"Real World" Performance with the Stones
ran ZD Labs' Business Winstone 2001 benchmark.
We'll directly quote ZD's eTestingLabs website for an
explanation as to what this test is comprised of:
"Business Winstone is a system-level,
application-based benchmark that measures a PC's
overall performance when running today's top-selling
Windows-based 32-bit applications on Windows 98 SE,
Windows NT 4.0 (SP6 or later), Windows 2000, Windows
Me, or Windows XP. Business Winstone doesn't mimic
what these packages do; it runs real applications
through a series of scripted activities and uses the
time a PC takes to complete those activities to
produce its performance scores."
The Business Winstone tests include:
Microsoft Office 2000 applications (Access, Excel,
FrontPage, PowerPoint, and Word)
Microsoft Project 98
we see something different! I was beginning to
sound like a broken record! Using ZD's Business
Winstone benchmark, the AT7 outran the IT7 by a full 2
points, or 3.4%. You don't need this kind of
horsepower to run Microsoft Word though, so let's
crank things up a notch.
ran ZD's Content Creation Winstone 2002. This
benchmark runs a similar series of scripted
activities, but the tests are comprised of more
"bandwidth hungry" applications. The
applications used in the Content Creation Winstone
2002 tests include:
Macromedia Director 8.5
Macromedia Dreamweaver UltraDev 4
Microsoft Windows Media Encoder 7.01.00.3055
Foundry Sound Forge 5.0c (build 184)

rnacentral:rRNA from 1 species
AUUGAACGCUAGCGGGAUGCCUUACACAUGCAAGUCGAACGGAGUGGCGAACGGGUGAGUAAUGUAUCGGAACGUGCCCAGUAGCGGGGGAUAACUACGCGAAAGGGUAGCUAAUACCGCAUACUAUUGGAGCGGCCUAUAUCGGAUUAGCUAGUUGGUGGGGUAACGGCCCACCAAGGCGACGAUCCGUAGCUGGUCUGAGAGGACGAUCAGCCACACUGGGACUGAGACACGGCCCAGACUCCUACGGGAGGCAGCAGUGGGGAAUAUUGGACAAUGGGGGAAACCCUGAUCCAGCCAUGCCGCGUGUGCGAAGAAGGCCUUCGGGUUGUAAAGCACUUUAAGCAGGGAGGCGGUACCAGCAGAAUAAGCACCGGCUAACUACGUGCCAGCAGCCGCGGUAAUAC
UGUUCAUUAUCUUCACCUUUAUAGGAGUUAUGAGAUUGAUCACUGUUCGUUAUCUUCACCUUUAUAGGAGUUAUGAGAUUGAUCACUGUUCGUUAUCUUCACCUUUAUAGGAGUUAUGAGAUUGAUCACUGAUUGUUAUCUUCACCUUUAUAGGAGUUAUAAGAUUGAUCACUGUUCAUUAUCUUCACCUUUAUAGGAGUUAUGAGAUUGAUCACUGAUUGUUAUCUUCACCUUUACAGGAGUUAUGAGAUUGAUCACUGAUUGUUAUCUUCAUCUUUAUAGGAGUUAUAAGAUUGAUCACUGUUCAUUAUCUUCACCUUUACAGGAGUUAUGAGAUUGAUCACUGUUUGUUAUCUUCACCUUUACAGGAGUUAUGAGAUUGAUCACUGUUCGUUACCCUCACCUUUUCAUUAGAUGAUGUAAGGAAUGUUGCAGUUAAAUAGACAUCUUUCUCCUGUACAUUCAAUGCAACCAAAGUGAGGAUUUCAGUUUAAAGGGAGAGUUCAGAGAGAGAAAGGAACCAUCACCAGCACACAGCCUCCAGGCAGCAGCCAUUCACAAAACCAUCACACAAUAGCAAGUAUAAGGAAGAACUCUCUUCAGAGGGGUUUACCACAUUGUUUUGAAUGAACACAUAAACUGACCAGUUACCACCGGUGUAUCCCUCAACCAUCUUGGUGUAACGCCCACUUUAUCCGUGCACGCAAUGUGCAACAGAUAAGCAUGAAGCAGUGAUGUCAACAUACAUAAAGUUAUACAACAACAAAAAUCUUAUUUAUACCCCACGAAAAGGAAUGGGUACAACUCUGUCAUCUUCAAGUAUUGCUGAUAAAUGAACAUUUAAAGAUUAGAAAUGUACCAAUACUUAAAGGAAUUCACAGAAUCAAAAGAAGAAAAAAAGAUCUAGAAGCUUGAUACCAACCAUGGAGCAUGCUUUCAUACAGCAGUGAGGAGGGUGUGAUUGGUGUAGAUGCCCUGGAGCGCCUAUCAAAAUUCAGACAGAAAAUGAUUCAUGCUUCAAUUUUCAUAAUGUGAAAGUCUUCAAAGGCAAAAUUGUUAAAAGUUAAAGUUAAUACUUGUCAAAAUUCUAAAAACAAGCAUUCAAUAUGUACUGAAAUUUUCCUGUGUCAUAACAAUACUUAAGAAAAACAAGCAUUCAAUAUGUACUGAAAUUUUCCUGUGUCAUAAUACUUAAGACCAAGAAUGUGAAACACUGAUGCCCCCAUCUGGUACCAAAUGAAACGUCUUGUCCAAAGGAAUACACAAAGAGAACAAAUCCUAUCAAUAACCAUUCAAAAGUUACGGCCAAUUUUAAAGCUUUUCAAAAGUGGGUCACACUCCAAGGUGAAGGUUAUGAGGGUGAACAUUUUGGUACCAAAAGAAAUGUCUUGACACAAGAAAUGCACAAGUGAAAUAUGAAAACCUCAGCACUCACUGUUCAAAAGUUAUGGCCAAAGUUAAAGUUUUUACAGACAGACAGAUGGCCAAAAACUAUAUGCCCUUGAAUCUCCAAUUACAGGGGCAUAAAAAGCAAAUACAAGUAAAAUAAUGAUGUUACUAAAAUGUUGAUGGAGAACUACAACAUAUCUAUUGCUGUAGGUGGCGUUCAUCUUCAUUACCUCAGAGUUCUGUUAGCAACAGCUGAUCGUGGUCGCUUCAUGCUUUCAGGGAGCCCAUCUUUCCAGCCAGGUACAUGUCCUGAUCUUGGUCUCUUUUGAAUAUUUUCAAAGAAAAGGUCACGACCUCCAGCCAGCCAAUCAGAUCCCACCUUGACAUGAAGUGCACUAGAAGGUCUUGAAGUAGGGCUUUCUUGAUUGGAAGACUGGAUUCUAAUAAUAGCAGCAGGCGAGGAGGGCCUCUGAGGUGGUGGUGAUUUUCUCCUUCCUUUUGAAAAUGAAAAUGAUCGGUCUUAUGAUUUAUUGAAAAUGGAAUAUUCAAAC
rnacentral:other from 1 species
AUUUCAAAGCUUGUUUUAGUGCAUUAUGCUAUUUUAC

Content Creation 2002 benchmark yielded the greatest
performance delta of all our tests. The AT7
bested the IT7 by 3.3 points, which is a difference of
about 10%. Both the AT7 and IT7 performed very
well throughout our entire suite of benchmarking
applications. We don't think any of you would be
disappointed if you based your next system on either
one of these boards.
done a fantastic job with the AT7 and IT7 MAX
motherboards. Both of these boards performed
very well and maintained rock solid stability
throughout our battery of tests. Abit's
excellent SoftMenu III is also available on both
boards, which makes overclocking with either of them a
breeze. The only thing we didn't like was the
inability to reset the CMOS, without having to open
the case and physically move a jumper. This was
rather annoying when trying to find our "sweet spot"
when overclocking. The build quality and bundles
are top-notch, as is the list of on-board features.
They are a bit more expensive than similar products,
coming in at around $150 on Pricewatch.Com, but in our
opinion your money would be well spent on either of
it's excellent stability, performance and list of
features, but because it has only 3 PCI slots, we give
the Abit AT7 MAX a HotHardware Heat meter rating of
MAX fares a bit better. The IT7 brings all of
the performance and stability of the AT7 MAX to the
P4, with the addition of diagnostic LEDs, a fourth PCI
slot and on-board power and reset switches. If
we were able to reset the CMOS without opening the
case, this board would have received a perfect 10.
As is stands now, we give the Abit IT7 MAX a 9.5 on
the Heat Meter, and a coveted Editor's Choice Award!
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